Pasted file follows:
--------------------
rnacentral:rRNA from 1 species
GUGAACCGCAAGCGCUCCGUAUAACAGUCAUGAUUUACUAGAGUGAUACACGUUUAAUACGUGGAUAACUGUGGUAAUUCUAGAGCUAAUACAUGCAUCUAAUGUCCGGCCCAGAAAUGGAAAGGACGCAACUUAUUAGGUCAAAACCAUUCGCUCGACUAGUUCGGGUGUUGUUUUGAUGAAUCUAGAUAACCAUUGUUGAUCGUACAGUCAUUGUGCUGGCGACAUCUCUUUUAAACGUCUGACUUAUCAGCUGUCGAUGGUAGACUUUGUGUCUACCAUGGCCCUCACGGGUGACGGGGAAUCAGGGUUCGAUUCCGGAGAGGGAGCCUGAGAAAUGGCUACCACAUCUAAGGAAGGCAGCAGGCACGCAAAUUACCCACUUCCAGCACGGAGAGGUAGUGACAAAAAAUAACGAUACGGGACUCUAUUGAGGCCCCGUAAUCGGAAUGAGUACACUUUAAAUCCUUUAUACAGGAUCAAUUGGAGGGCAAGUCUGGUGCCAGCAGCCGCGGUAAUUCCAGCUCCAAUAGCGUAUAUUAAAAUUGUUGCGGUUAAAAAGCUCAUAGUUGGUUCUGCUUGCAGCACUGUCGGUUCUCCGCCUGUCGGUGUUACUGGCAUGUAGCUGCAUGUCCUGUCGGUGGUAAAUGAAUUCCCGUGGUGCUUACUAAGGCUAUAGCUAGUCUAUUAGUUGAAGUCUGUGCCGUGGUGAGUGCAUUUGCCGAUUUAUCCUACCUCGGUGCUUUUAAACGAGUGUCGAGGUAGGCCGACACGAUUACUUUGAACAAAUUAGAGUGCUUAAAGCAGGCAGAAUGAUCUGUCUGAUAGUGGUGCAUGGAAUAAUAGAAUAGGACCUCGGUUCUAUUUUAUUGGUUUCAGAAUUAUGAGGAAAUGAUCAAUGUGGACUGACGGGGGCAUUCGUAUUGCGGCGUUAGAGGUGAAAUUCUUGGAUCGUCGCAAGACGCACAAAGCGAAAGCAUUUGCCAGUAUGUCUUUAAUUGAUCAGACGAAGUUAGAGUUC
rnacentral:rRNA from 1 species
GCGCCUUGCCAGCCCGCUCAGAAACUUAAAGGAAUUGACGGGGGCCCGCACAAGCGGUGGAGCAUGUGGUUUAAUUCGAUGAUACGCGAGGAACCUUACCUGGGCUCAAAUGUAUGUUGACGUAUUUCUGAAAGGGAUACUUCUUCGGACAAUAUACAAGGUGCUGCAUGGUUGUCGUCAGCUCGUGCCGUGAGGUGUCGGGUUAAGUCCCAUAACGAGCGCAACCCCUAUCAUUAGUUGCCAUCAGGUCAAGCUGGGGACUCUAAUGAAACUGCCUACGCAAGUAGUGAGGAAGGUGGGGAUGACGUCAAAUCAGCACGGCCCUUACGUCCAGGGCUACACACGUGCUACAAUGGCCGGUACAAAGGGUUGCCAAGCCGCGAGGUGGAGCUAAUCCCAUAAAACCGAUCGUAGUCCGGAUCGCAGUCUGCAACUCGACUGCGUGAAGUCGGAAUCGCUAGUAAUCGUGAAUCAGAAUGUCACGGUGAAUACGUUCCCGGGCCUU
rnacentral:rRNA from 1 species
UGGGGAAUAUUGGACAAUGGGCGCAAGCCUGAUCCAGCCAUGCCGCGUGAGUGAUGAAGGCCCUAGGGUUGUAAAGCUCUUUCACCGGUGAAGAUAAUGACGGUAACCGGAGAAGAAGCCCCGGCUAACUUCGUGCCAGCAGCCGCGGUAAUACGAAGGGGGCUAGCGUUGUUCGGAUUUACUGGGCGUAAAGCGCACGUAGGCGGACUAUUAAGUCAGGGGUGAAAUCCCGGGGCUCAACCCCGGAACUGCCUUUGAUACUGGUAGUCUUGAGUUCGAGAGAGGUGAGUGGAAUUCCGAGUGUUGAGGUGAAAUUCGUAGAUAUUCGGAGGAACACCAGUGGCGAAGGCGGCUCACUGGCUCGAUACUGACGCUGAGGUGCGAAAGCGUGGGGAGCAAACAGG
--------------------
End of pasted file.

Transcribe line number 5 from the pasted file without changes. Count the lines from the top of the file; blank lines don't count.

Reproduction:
rnacentral:rRNA from 1 species